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In disruptive quantum sector, Canada risks coming ‘third in a two-man race’ for IP

An illustration accompanying D-Wave System’s utility patent for input and output systems and devices for use with a supercomputing device, granted in October 2018.
An illustration accompanying D-Wave System’s utility patent for input and output systems and devices for use with a supercomputing device, granted in October 2018. U.S. Patent Office
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The benefits from quantum technology breakthroughs at Canadian startups and research labs could flow to foreign firms because of gaps in Canada’s approach to securing intellectual property, scientists and IP lawyers are warning.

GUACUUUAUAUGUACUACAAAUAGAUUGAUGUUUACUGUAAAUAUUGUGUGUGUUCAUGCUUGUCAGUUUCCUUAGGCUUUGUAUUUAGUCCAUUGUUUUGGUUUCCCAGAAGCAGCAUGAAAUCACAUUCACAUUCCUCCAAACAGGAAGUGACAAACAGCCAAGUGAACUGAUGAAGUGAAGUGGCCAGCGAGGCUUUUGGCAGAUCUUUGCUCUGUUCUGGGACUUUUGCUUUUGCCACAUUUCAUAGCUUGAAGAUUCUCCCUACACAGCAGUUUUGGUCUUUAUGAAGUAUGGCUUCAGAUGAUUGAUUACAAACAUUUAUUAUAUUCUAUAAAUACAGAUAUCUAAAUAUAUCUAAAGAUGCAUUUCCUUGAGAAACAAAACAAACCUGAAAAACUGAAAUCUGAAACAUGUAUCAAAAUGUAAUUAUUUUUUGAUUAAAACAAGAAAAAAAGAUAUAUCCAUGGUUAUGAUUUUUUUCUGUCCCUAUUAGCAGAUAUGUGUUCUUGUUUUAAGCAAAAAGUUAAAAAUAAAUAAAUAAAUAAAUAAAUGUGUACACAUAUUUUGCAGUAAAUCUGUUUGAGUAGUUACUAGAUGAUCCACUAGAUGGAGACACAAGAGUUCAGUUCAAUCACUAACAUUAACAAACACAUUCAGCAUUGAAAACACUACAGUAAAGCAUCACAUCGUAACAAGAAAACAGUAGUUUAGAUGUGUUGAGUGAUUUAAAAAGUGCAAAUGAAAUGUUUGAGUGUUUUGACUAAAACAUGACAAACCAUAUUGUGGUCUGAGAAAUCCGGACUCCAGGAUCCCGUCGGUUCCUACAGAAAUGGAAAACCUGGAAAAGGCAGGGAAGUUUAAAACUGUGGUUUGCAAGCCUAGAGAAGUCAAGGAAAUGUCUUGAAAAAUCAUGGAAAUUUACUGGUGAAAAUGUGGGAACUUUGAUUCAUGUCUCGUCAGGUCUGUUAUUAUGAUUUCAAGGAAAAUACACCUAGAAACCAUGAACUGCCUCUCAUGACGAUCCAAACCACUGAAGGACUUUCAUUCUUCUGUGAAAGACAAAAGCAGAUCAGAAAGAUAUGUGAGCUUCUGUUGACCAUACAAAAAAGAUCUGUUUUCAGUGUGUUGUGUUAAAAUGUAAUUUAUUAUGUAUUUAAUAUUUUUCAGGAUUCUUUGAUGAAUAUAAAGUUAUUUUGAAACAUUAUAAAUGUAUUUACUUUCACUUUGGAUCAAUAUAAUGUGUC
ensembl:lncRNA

The federal government has funded quantum science and companies, hoping advances in computing, cryptography and other applications will lead to major new economic opportunities. With the sector still in its early days, remedying shortcomings in policy and education shortcomings could help ensure the country profits from those innovations. “Harnessing IP is essential to actually take [market share] that’s proportional to [Canada’s] work in the field,” said Alexandre Daoust, a partner at Norton Rose Fulbright.

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